“Extreme poverty alleviation” is now a false narrative. Absent WWIII, or a global financial massive disruption on a scale never experienced – both possibilities – extreme poverty is already eliminated structurally. So, the primary issue now is what value do multi-laterals and iNGOs contribute as the extraordinary transfer of knowledge – all kinds of knowledge, at the price of free – accelerates, making knowledge available to every person on the planet. Humanity is now essentially fully fed on a daily basis and crisis hunger is addressed in a matter of weeks or hours; almost all humans now have access to some healthcare (health spending is by far the biggest spend by humanity and life expectancy is increasing five hours per day for all of humanity); educational access is in hyper acceleration, particularly for girls and young women all around the world; and domestic taxation architecture continues to mature with resulting safety net build outs. Most of these accelerating developments are the “fault” of the extraordinary acceleration of access to affordable technology – thanks Silicon Valley. Buea, Cameroon has 50+ 21st Century start up technology companies competing in the world market (one of these companies has a $1,000,000,000+ valuation in its fifth year of operation). See http://www.bbc.com/news/business-36054263; http://www.cameroonweb.com/CameroonHomePage/NewsArchive/The-untold-story-of-Buea-Catholic-University-319905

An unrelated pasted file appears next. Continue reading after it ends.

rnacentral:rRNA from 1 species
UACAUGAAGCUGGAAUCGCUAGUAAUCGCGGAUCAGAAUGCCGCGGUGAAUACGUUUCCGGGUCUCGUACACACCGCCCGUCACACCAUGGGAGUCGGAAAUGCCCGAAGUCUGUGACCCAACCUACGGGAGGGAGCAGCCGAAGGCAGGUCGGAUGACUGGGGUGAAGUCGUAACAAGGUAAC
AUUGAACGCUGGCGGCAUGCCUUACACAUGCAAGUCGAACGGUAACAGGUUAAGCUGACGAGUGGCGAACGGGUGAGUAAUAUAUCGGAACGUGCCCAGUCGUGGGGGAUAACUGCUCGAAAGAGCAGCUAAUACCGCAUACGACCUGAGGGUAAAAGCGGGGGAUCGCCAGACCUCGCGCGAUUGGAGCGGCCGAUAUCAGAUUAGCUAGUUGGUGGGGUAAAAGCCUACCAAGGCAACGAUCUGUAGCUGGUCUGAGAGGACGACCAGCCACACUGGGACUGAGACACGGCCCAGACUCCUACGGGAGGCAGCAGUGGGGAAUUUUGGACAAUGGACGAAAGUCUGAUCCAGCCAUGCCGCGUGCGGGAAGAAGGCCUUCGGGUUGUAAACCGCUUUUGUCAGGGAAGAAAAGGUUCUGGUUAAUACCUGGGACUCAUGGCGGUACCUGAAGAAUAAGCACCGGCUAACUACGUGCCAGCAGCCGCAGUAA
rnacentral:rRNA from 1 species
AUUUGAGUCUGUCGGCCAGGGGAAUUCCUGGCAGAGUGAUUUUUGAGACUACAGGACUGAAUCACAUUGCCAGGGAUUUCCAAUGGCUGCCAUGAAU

• Efosa Ojomo

      Hi Frank. Thank you very much for your comments. Please continue to spread the word about what we are doing.

      • Frank Williams

        Will do. If you have not done so, I urge you to spend time in the Silicon Valley, choosing your SV “moments”, such as SOCAP2017. Cheers. Frank

    • Andrew Ermon

      Hi Frank. I do not believe the author is saying that extreme/absolute poverty alleviation is a false narrative. What he’s saying is that the focus needs to change from eliminating extreme poverty to CREATING income prosperity through disruptive innovation, which will naturally eliminate extreme poverty. It’s this slight, but important, shift in the mission focus of global aid that the author believes is the solution to breaking the poverty income ceiling that billions of people live under.